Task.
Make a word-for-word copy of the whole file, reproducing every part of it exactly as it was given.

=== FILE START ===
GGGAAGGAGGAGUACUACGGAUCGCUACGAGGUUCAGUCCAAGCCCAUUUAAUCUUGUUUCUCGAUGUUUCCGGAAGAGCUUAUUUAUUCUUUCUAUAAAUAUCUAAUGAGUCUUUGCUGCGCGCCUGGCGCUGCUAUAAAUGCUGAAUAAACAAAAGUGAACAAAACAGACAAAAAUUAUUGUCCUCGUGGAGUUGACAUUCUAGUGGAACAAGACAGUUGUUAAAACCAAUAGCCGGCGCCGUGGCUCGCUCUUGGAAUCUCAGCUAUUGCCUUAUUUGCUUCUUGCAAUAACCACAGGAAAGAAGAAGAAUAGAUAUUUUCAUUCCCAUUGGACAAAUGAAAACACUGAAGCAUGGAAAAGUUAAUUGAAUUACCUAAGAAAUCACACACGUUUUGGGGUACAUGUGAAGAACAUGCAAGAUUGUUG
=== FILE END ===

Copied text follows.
GGGAAGGAGGAGUACUACGGAUCGCUACGAGGUUCAGUCCAAGCCCAUUUAAUCUUGUUUCUCGAUGUUUCCGGAAGAGCUUAUUUAUUCUUUCUAUAAAUAUCUAAUGAGUCUUUGCUGCGCGCCUGGCGCUGCUAUAAAUGCUGAAUAAACAAAAGUGAACAAAACAGACAAAAAUUAUUGUCCUCGUGGAGUUGACAUUCUAGUGGAACAAGACAGUUGUUAAAACCAAUAGCCGGCGCCGUGGCUCGCUCUUGGAAUCUCAGCUAUUGCCUUAUUUGCUUCUUGCAAUAACCACAGGAAAGAAGAAGAAUAGAUAUUUUCAUUCCCAUUGGACAAAUGAAAACACUGAAGCAUGGAAAAGUUAAUUGAAUUACCUAAGAAAUCACACACGUUUUGGGGUACAUGUGAAGAACAUGCAAGAUUGUUG